Summary-This might not be my favorite 4x game, but it’s quickly made a spot in the top few of them.  It’s got all the things I love in a game: strategy, depth, speed, and ease of learning/teaching.  I’d like a bit more story and cardboard, but that isn’t any reason to not pick this one up.  If you like Sci-FI games, 4x games, or simply want a good game to play at any gameday that won’t eat the whole day, then this is an excellent game to buy.  I can’t wait to play this again and to see the expansion that will come and further develop the ideas that came out of this game.  90%

Daily Punch 11-24-15 Full Body Swing feat for DnD 5e

Let’s keep building on the idea of con as a weapon!

 

Full Body Swing

Some people use their whole body when they swing.  Those with a fuller body get more of a swing!  Gain the following benefits:

  • Add your Constitution modifier to any melee weapon damage.
  • You may use your Constitution modifier in place of your Strength modifier when making a melee weapon attack roll.
  • Add 1 to your Constitution stat, to a maximum of 20.

 

Thoughts?

Daily Punch 11-23-15 Full Body Defense feat for DnD 5e

Funny thing, gladiators were not thin, trim guys.  They were surprisingly fat.  A guy with a gut can take a knife, spray a bit of blood to wow the crowds, and not get his abdominal wall punctured and the accompanying death sentence that goes with that.  Let’s build that into DnD 5e!

Full Body Defense

You’re big, but not exactly tall for the build.  You’re built hard enough to take the hits and not exactly care.  Gain the fallowing benefits:

  • When you are wearing no or light armor, add your constitution modifier to your armor class.
  • Add your constitution modifier again to your hit point total for each level you gained before you got this feat and for each level after.

Thoughts?

Daily Punch 11-11-15 Master of Animal Forms Monk archetype for DnD 5e

How about a monk the learns from an animal?  When I did Kung Fu, I practiced the animal forms.  Let’s make that work in DnD 5e for the Monk.

Master of Animal Forms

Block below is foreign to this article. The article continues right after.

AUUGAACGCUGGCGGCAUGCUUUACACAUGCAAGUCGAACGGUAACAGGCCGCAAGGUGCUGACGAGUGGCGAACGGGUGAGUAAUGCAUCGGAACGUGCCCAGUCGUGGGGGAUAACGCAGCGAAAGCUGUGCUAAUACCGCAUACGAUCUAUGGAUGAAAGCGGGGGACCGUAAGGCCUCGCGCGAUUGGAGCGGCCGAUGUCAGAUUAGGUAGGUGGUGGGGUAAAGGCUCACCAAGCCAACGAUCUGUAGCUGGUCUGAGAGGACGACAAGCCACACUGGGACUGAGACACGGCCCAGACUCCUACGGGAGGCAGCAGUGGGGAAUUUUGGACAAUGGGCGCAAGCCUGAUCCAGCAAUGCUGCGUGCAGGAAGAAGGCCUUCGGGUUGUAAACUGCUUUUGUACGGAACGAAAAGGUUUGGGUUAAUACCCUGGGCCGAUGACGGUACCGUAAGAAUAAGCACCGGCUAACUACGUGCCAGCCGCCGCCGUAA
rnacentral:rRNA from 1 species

Animal Sensei

Starting at 3rd level, you gain an animal companion as per the ranger rules.  However, you may only choose from the following animals.  In addition to the ranger rules for animal companion actions, once per turn, you may spend a ki point as a bonus action to issue a command to your animal companion.  You must also pick a time each day when your animal companion will train you.  This time lasts for 3 minutes per character level.  During this time you may change the animal companion that is training you with no negative repercussions.

Animal Page Bonus Skill Bonus Save
Constrictor Snake PHB 305 Slight of Hand Con
Giant Owl MM327 Perception Cha
Panther PHB 308 Stealth Wis
Wolf PHB 311 Athletics Int

Animal Training

At 6th level, you begin to learn the lessons of your animal companion.  You gain proficiency in a skill and saving throw associated with your animal companion.  If you are already proficient with the skill or saving throw, then you double your proficiency bonus.

Two Masters

At 11th level, you have continued so deep into your training that you now gain the bonus of your Animal Training class feature for two different animals.  You still only have one animal companion.

The Fifth Animal

At 17th level, you have reached the peak of your training, and your animal companion now reflects it.  You now gain a dragon wyrmling as your animal companion.  It still gains the bonuses as a animal companion as normal (hit points, addition of proficiency to attack, etc), but also has all the skills, immunities, and other creature abilities as a dragon wyrmling.  Each day you may choose a different dragon wyrmling type during your training as well as two different animals for your bonuses from your Two Masters class feature.